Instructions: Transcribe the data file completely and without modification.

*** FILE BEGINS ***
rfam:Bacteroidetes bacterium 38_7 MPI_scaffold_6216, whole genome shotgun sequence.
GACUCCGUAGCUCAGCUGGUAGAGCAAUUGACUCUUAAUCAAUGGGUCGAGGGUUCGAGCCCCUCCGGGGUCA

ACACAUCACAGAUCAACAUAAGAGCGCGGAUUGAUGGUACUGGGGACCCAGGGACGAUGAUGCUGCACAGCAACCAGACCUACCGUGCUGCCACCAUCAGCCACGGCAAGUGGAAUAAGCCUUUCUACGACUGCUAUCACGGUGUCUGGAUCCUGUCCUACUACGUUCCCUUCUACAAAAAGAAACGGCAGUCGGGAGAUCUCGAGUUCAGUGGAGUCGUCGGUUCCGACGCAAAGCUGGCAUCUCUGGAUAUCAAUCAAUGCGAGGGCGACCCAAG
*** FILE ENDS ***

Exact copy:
rfam:Bacteroidetes bacterium 38_7 MPI_scaffold_6216, whole genome shotgun sequence.
GACUCCGUAGCUCAGCUGGUAGAGCAAUUGACUCUUAAUCAAUGGGUCGAGGGUUCGAGCCCCUCCGGGGUCA

ACACAUCACAGAUCAACAUAAGAGCGCGGAUUGAUGGUACUGGGGACCCAGGGACGAUGAUGCUGCACAGCAACCAGACCUACCGUGCUGCCACCAUCAGCCACGGCAAGUGGAAUAAGCCUUUCUACGACUGCUAUCACGGUGUCUGGAUCCUGUCCUACUACGUUCCCUUCUACAAAAAGAAACGGCAGUCGGGAGAUCUCGAGUUCAGUGGAGUCGUCGGUUCCGACGCAAAGCUGGCAUCUCUGGAUAUCAAUCAAUGCGAGGGCGACCCAAG